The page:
Don’t Neglect Your Teeth When You’re Expecting
Many women wonder whether they can or should see a dentist during pregnancy, and the answer is most definitely YES!
The American Pregnancy Association recommends dental check-ups and cleanings during pregnancy because the “rise in hormone levels during pregnancy causes the gums to swell, bleed and trap food causing increased irritation to your gums. Preventive dental work while pregnant is essential to avoid oral infections such as gum disease, which has been linked to pre-term birth.”
In addition, pregnancy can increase acidity in the mouth, which can cause to tooth decay. Frequent morning sickness and vomiting can contribute to this problem.
Pregnancy hormones can also cause teeth to loosen as the ligaments in the jaw relax, so it is beneficial to have your dentist check your teeth for any complications.
As for more extensive procedures, such as fillings and crowns, it is best to wait until after pregnancy, if possible. If not, scheduling the procedure during the second trimester is best – that period of pregnancy is considered lower risk, plus it may be more difficult to lie on your back by the time you reach the third trimester.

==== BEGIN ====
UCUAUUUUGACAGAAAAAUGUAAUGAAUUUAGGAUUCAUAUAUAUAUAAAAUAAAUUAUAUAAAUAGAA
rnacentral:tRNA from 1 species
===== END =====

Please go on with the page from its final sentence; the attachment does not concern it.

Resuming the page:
If you must have an emergency or urgent treatment, such as a root canal, discuss anesthesia with your dentist. Lidocaine is a common anesthesia used in dental practices. It is classified as a category B drug (category B drugs include those that have been shown to have no risk to a fetus in animal testing, but no studies on pregnant women have been conducted). As it does cross the placenta, so a low dosage is preferred.
In emergency cases, and X-ray is usually necessary, and the American College of Radiology has shown that one exposure to an X-ray during pregnancy produces radiation at levels too low to affect the fetus. (This FAQanswers some questions about X-rays during pregnancy.)
Some patients with certain heart conditions are asked to pre-medicate with antibiotics prior to dental visits. If that applies to you, talk to your dentist about recommendations regarding pre-medication during pregnancy. Your provider may prescribe a different antibiotic than your usual during this time.
Cosmetic treatments like teeth whitening should be avoided during pregnancy.